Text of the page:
Understanding Cruise Line Airfare Offers
Understanding Cruise Line Airfare Offers
Understanding cruise line airfare offers is critical to the travel planning puzzle since the pandemic ended.
Imagine a complete shutdown of the entire cruise industry for nearly 2 1/2 years. That’s what happened as a consequence of the pandemic.
And as the travel industry couldn’t afford to keep their pre-pandemic payrolls, many people lost their jobs, were furloughed, and took early retirement offers.
And the restart of the industry has been a bumpy ride indeed.
As you know, we have all experienced full flights, lost luggage, absurdly long lines in some of the world’s busiest airports, and airline pilot and staffing shortages, all coupled with historic record-breaking new bookings after the pandemic.
And to our incredible frustration, we’re finding considerable exasperation from our clients as the airline industry works to get things back to normal.
So what has changed, and how can we help you reset your expectations?
Understanding the New Normal With Cruise Line Airfare Offers
- While the airline industry has improved from last year, the airline booking experience is still frustrating for the travel industry and its clients.
- Cruise lines negotiate contracts with various airlines to offer attractive rates for their customers. And we’re finding that the routes provided by the airlines are not what they were pre-pandemic. Further, with inflation hitting the cost of fuel and the airline’s employee expenses, we’re finding that the most direct routes overseas and back are not necessarily available anymore. What used to be available as a non-stop flight may now have one stop in the itinerary. And what used to have one stop in the itinerary now has two stops. So while the cruise line’s airfare may be less expensive, you can no longer assume that the routes offered will be the most direct flights. And while these direct flights will be available, they will generally include some form of upcharge if desired.
- Further, there is the issue of many cruise lines auto-generating a flight schedule for you 3-4 months prior to your departure. These computer-generated tickets can often include long layovers or extra stops that can be frustrating. Therefore, if you want to have some say in the flight schedule, you must generally pay some additional custom air fee to get your flights booked early and have some flexibility. We have found the sweet spot for booking International flights to be roughly 7-8 months before sailing.
- And if that isn’t enough, we’re constantly disappointed at the number of canceled flights after we’ve spent considerable time putting together a reasonable flight schedule.
So, What To Do?
- First of all, please don’t shoot the messenger. We’re just as frustrated as you are. Understand how this works in our new paradigm, and bring a healthy dose of patience.
- Decide upfront if you want to take advantage of the airline’s discounted airfare. If not, and if the air is included with your cruise, we can take an airline credit and help you book your flights outside the cruise line. Just know that the cost will likely be higher. And there are also likely to be booking fees outside the cruise line’s fares.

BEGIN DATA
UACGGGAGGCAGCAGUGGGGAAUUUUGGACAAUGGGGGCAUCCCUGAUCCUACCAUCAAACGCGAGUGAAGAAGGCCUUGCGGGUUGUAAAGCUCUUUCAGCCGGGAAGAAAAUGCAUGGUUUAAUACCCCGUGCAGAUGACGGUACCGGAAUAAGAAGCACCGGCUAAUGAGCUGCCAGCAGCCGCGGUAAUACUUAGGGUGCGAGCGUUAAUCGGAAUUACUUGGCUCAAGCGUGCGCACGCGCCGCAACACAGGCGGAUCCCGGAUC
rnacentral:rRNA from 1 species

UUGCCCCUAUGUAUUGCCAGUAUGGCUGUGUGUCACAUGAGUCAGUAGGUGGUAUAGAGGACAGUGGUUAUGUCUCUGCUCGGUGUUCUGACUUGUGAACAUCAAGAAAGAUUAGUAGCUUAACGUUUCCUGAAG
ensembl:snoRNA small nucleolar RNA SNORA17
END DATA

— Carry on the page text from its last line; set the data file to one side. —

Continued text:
- And lastly, be sure to have your airline’s app on your phone in case of schedule changes. If changes occur, you can often rebook quickly without standing in a line of 300 angry people who don’t heed this advice.
I wrote this article because we were finding our clients bringing pre-pandemic expectations to the airline booking process. Covid-19 changed the world in many ways, and the travel industry is not immune. Please know that we feel your pain, we know what we are doing, and we’ll work hard to make this as painless for you as possible.
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Dave, Thanks for this GREAT article! Y’all have been great to work with on our Viking GET vacation. We are counting the days until we depart on our 50th anniversary. I am spreading the word about your business and how wonderful you are to work with in planning. Wishing you a fantastic 2nd quarter!
Thank you for the kind words, and we wish you a great adventure on your upcoming cruise. 🙂
Well said. It’s not the best decision anymore to just take the air included. You have more control and sometimes more options if you book yourself. Just remember to check your return flight while on the cruise because no one at the cruise line is checking it!
Sage advice, Lori. Thank you for sharing.
“We have found the sweet spot for booking International flights to be roughly 7-8 months before sailing.” Can you expand on this a bit? Is it because prices are lowest or options, seats, etc., are more plentiful? Some combination of the two? Or something else entirely? I ask because I’ve often seen a shorter timeframe quoted, on the order of 3-4 mo., as the “best time” to book an international flight. Thanks!
The travel industry is bustling. In today’s environment, if you wait to book airline tickets until 3-4 months out, most planes will already be nearly sold out. And this is particularly true if you want premium economy or business class seating. So, this has nothing to do with price but simply availability in today’s busy market.